Gossip Girl interview
Co-editor-in-chief Meghan Morris spent three hours interviewing the two girls behind the Gossip Girl [GG] blog. To protect their anonymity, the girls are referred to as Meredith Green and Brooke Sweeney. Here, only on Stoganews.com, is an excerpt of the interview:
MM: How did GG begin?
Sweeney: It was Sunday night, and we had this little idea of making a GG for the school. We both watch the show so we first started it as ‘let’s just see what the reaction is’ and we didn’t really think there would be that much of a reaction. Then people started terrorizing the blog. They were like ‘who is this…’ and cursing and stuff. They ganged up…and it got worse and worse.
MM: When did you decide to make the blog something bigger than a break from midterms?
Green: Everyone was creating a commotion about it and people were actually starting to talk about it. So we created this idea: we would do posts regularly because we wanted people to keep checking the blog. It worked to our advantage that the next day was a snow day so we kept posting through the day.
MM: What was your original plan?
Green: We tried to think of things off the top of our minds. We didn’t want to get in trouble with the administration, so we didn’t put any names…We decided to post for the next few days, and we weren’t exactly sure when we would finish it. We knew we would do a blow-up post at the end to explain everyone and what our deal was and try to convince them that our message. We thought originally that it could go on to Friday or Saturday
Sweeney: But then we got scared and wondered what they [students who threatened GG online] could actually do.
MM: Why did you create a final post on Wednesday?
Sweeney: Everything started going a little downhill–it was downhill really fast. We knew we were going to get some haters, but people were writing really bad stuff on the wall–paragraphs long like ‘you’re probably a stupid loser that sits at home on your computer’ and really mean stuff on the Facebook page.
[The girls then decided to put up one final post at 9 p.m., which they advertised on Facebook]
MM: What was the build-up like for the 9 p.m. final post?
Sweeney: They were freaking out. Everyone from the lowest social stature to the highest–everyone was crazy–every grade.
Green: The whole school united over one fictional character in two days. Before the 9 p.m. post we had 30,000 views.
MM: What was the initial reaction to the post?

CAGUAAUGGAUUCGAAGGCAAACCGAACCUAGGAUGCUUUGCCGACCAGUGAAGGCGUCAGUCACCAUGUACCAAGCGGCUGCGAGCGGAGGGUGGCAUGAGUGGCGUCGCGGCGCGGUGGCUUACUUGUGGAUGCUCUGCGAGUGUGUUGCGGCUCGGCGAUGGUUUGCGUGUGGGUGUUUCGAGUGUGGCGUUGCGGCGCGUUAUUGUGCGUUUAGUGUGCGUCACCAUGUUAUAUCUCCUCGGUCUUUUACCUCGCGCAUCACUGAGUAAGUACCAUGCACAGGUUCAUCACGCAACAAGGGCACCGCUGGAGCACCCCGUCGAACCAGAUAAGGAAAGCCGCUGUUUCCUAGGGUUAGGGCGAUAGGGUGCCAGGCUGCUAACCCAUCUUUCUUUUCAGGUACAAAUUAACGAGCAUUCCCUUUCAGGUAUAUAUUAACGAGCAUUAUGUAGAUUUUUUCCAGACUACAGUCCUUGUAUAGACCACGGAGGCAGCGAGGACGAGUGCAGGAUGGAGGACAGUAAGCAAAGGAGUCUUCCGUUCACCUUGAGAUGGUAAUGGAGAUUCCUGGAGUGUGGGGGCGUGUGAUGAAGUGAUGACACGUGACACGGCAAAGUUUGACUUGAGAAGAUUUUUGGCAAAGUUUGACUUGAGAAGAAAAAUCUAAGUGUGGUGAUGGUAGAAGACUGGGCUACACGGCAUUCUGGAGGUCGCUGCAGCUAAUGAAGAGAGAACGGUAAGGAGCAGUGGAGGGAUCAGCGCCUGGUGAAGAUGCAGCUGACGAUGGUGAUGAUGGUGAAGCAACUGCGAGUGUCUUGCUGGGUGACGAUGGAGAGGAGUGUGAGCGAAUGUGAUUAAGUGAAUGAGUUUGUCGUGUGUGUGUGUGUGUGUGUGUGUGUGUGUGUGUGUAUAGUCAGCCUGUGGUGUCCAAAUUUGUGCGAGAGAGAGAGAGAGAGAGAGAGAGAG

Green: The initial comments back were brutal. Then we started to get inboxes–we got like 20 inboxes that said “this is really cool and I give you a lot of credit” and it was different people from different cliques. Then more and more [Facebook] statuses were good.
[Morris then interviewed the girls three weeks later, to learn what changed and what didn’t.]
MM: Overall, what did you take away from this experience?
Green: It’s so easy to get caught up in the crowd, versus one voice standing out. You have to do something out of the ordinary to make a difference. We’re all the same 2000 kids–you need to stir the pot to stand out.
Now we have a burden on us–I don’t want to know the gossip. It’s actually embarrassing–boys taking advantage of drunk girls while their friends watched. It makes me sick that all this goes on behind closed doors then people post in on Facebook to an anonymous person. We didn’t want to find out your gossip and post it.
Sweeney: I kind of miss it. We couldn’t have continued it–it would have been out of control. But the point wasn’t to continue.
MM: If you could go back, what would you do differently?
Green: I wished that I planned out everything. We didn’t predict it or know what we were doing until the second day.
MM: What changed in your opinion of ’Stoga kids?
Green: We’re the most critical kids in the world–at other places, they don’t care. What people don’t realize is there are people in the district without money and they can’t fit in. People are so critical that it makes everyone more insecure.
MM: What would you say to your detractors?
Green: Think about what the truth means: we didn’t distort things. They’re calling us bitchy, but they’re doing the same things. I’m just writing it down.
Sweeney: You don’t have to read it; we’re not forcing it upon you. People are looking for a distraction.
MM: What were the differences between guys’ and girls’ reactions to the blog?
Sweeney: All the guys looked at it differently because they deal with gossip differently. Guys thought it was the most entertaining thing in the world, but girls were enraged because they’re so superficial.
MM: Did this blog change anything?
Green: Looking back over three weeks, I think it’s so amazing how something grew to be that big and deflated so fast. I feel like it didn’t really make that much of an impact looking back, as much as we would like to think it made a lasting impression.
Sweeney: I don’t think that people will take initiative and change–that would be really revolutionary if that happened.
Meghan Morris can be reached at email@example.com.